It came about because I know the bride's sister. I've taken classes with her and she mentioned that her sister was having a hard time finding someone to do her wedding cake. I'm not sure if it was because of what some bakeries charge, if it was a matter of getting a design she wanted or what, but the wedding was about a month away when I told my friend I'd talk to her sister.

Here's my cake-making philosophy: I don't do fondant. I do home-made buttercream that even avowed "frosting-haters" will eat. I don't deal well with people who dither. I do my own interpretation of your idea and my cakes taste good. All of my fillings are home-made, too.

You are getting a really good cake for what you're paying - which is usually less than a bakery will charge you.

Batter up! Softball themed cake
Soooooooo. I meet the bride, we discuss what she wants. And she says that she wants a softball for the cake top, and it's a "surprise." Okay. We can do that! See the picture for how it turned out.

Originally, the bride wanted round cakes and sheet cakes. That's a trend that's a few years old. You make a "presentation" fancy cake and then the remainder of the cake is usually a sheet cake or two, which are basically undecorated. Makes it easy on the designer but it's kind of boring.

This was a white cake, with chocolate buttercream filling, and white buttercream frosting. I asked if she was wedded to the circular cakes. She asked if she could see a drawing or spec. Nope. I don't do that because half the time I don't know what I'm doing till the point where any reasonable bride would be panic-stricken.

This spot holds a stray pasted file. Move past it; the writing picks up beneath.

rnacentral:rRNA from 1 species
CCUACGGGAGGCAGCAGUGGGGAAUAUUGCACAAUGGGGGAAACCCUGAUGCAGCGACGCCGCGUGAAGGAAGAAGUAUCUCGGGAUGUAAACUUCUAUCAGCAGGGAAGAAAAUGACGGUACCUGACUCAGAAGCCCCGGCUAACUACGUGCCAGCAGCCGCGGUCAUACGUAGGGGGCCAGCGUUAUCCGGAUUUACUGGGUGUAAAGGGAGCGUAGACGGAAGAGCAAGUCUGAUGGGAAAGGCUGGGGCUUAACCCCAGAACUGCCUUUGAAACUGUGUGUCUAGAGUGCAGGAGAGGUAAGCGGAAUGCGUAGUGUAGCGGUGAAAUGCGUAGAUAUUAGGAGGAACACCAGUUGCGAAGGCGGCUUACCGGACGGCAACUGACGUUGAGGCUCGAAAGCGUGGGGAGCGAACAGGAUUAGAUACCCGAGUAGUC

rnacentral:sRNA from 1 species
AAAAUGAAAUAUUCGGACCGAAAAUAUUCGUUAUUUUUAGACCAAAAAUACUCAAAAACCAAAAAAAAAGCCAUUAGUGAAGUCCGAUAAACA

But not to fear. I've never missed a deadline, and I've gotten rave reviews from everyone I've done cakes for. As you can see, there are stars on the side of the cake. If you look closely at the pillars, you'll see red, white & blue beads in the pillars, too. The groom's military affiliation is noted in these decorations. The stars are gum paste, which I cut out using a cookie cutter. Gum paste is "old school" and I love it! It's edible, tintable and you can do flowers, shapes and all kinds of things (including people if you want!) with it.

Play Ball! Groom pitches low-and-inside to bride.

You may notice the photo here: the "cake topper" was actually not on top! With the bride's request for a softball for the top, I had to do something with the darling figures she had - and I only had 6" pillars! So the happy couple went off on their own cake, complete with little bases set in. Obviously, not to scale, but fun all the same.

The border is actually a shell border. But if you look at it from a little distance, it almost looks like little softballs! Believe me, that was a happy accident!

Of course, upon delivery, there was a "fat-finger" moment. Everyone who's ever delivered a cake has those, and if they say they don't, well...they're telling stories! Every time you deliver a cake, you pack a "kit" in which you have an extra tub of frosting, a spatula, a bag with tip, wet cloth and extra decorations if needed. Believe me, you'll need them!